“I always tell my patients that it’s important to select a board-certified plastic surgeon who not only performs these procedures and has great results, but also to make sure you feel comfortable with the surgeon and their office staff. The relationship doesn’t end with the surgery, it’s only getting started,” says Dadvand. “In my practice I see my patients the day after surgery, one week after, 6 weeks after, 6 months after, and one year after surgery. I like to see their progress and address any issues that may come up during the healing process. After one year post-surgery, I have patients follow up annually. So there never really is a last encounter date from my end.”
These procedures require coordinated support from a range of professionals including urologists, endocrinologists and plastic surgeons, and only those with the appropriate training and in the appropriate setting. This is generally at a center that is certified to perform such procedures and follow the Standards of Care established by the World Professional Association for Transgender Health (WPATH).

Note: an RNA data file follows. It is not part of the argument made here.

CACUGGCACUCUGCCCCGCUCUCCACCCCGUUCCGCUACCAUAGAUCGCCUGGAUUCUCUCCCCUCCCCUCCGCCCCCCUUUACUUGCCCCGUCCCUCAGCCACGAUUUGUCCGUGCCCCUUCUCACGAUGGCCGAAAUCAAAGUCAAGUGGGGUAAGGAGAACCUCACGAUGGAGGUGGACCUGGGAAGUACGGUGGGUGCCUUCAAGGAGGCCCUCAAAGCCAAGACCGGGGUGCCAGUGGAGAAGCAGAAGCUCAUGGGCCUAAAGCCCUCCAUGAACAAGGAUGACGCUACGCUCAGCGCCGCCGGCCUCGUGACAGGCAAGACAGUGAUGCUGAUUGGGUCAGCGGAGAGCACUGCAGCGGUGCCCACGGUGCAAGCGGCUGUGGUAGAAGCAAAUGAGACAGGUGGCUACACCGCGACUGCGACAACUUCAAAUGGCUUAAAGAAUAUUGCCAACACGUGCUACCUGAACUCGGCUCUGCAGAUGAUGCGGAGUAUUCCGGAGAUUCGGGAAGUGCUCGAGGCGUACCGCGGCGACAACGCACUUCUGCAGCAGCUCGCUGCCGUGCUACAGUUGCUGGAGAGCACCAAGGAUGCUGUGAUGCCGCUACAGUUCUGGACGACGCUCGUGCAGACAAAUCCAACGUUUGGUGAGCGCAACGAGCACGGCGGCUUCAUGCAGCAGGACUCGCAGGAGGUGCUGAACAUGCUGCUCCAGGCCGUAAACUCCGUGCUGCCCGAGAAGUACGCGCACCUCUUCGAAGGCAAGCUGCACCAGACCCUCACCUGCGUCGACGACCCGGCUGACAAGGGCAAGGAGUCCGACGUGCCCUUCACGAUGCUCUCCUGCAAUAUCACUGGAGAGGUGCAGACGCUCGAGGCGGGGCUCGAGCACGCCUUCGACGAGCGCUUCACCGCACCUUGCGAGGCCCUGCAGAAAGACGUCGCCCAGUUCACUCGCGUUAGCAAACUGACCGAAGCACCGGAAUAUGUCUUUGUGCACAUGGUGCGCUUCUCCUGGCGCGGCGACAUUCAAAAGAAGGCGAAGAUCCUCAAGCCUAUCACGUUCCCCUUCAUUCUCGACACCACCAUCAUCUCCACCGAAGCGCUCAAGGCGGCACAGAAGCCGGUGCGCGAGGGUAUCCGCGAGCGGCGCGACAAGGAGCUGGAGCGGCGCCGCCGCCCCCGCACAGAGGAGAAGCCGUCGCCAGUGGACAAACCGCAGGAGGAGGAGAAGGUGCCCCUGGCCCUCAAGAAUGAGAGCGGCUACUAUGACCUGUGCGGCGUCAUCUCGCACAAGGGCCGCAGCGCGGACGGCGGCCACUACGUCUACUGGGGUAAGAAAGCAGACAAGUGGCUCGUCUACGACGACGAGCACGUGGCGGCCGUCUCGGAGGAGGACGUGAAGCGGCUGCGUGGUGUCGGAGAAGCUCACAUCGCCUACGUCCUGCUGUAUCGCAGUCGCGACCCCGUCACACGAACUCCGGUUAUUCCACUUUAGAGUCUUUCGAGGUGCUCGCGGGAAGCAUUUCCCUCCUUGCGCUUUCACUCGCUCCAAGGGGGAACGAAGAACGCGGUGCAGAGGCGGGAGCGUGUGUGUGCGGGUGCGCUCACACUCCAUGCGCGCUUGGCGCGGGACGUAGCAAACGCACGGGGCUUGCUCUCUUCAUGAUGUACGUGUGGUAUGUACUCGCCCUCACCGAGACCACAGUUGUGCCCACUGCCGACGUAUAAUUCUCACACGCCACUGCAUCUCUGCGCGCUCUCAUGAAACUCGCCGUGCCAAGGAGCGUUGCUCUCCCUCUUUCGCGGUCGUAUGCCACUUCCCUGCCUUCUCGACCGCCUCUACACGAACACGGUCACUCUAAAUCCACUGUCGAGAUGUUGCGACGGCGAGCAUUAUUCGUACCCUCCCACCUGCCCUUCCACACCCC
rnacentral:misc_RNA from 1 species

How much do procedures typically cost?
The price will vary greatly depending on location, the desired procedures, and the chosen professionals.
According to the Transgender Law Center (TLC), surgeries generally cost anywhere between $7,000 and $50,000. This is typically paid out of pocket, on top of the roughly $100 a month that many trans people spend on hormones.
This pricing is restrictive for many trans people, and they may forgo procedures altogether because of the high cost. For some, this results in emotional turmoil and depression. The Trans Lifeline is available for trans people in need of emotional support.
If you’re looking for assistance or would just like to contribute to a good cause, organizations like Trans United Family and Friends (TUFF) have been established to help reduce this financial barrier for certain people. The CK Life Scholarship Fund and Jim Collins Foundation also offer financial assistance for trans surgical procedures.